If managers were still cheating as Jansen criticized, the incentive system would not have spread like it does today. In recent, the percentage of S&P 500 firms using multiyear accounting-based performance (MAP) incentives for CEOs increased from 16.5% in 1996 to 43.3% in 2008 (Li and Wang, 2016). There are many good reasons to explain why long-term incentives are an effective wage component. First, it provides the most direct correlation between company performance and wages. In other words, incentives can motivate directors to work hard and help them make shareholderoriented decisions. Second, long-term incentives can provide valuable human capital to the board and increase the loyalty of incumbent directors (Irani and Gerayeli, 2017).

Furthermore, there is a way to hire a compensation consultant company to get rid of the possibility of any remaining lie. Compensation consultants such as Towers Watson, the Hay Group, and Hewitt Associates can assist the board in setting up wages with knowledge of industry and other peer groups' compensation package design. In particular, they can give advice and assistance to the compensation committee (Bender, 2007). In the UK, virtually all companies show that they hire compensation consultants (Conyon, Fernandes, Ferreira, Matos and Murphy, 2011). The existence of an independent board is also important in the process of receiving incentives. Directors must have sufficient pay-performance sensitivity (PPS) for managers (Bruce, Buck and Main, 2005).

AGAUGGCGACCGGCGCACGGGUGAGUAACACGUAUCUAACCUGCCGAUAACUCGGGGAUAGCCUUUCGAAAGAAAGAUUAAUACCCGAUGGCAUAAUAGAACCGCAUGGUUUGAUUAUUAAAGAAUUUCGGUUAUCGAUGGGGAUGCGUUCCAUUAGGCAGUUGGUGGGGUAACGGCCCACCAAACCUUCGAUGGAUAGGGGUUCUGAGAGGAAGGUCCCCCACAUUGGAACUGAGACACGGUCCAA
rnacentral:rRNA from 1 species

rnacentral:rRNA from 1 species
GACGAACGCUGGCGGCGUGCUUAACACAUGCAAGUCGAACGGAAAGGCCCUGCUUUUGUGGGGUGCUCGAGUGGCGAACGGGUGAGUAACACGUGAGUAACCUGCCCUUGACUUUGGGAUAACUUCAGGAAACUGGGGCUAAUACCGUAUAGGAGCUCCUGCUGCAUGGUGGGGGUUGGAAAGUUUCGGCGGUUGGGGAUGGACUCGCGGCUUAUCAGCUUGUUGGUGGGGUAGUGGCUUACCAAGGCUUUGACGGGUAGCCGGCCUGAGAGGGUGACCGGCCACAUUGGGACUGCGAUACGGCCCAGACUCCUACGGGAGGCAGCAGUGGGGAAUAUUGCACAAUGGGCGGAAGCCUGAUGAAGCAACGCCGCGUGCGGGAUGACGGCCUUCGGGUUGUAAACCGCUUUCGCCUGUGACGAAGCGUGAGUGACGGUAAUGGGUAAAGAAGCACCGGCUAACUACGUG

Jensen insisted 'Corporate budgeting is a joke.' and 'Corporate budgeting consumes a huge amount of executives' time.' But I disagree with him. Therefore, I strongly believe that instead of simply tossing off the budgeting process, the efficient budgeting system, combined with a proper performance measurements to determine the correct compensation, is necessary and essential for the company to achieve their goals in a rapidly changing 21st century international economic environment. In particular, from the Abogun and Fagbemi's research, budgeting is still selected as a most effective and necessary tool for planning, controlling, communicating, making decisions and creating value (Abogun and Fagbemi, 2011). For instance, on the survey conducted by Libby and Lindsay, most managers have rated the budgeting as "good value" to achieve their organizational goals, regardless of budget games occurred to some extent in the organization (Libby and Lindsay, 2013). They have also agreed that the right use of budgeting is of significant value to management.

As an additional valuable evidence of the budgeting system, more than 150 organizations in North America uses frequently cost management tool to budget resources that can include everything from raw materials to human resources and facilities (Horngren, Sundem, Stratton, Burgstahler & Schatzberg, 2008). In the same opinion, at a meeting on "the traditional role of the budget in the organization" organized by CIMA and ICAEW in 2004, the budgeting and accompanying process were indispensable and also noted that the traditional budgeting processing was widespread. Significant number of European companies has a budget and continues to use this process (CIMA-ICAEW, 2004). Most of current companies in Australia, Japan, the United Kingdom and the United States prepare budgets (Anand, Sahay and Saha, 2004).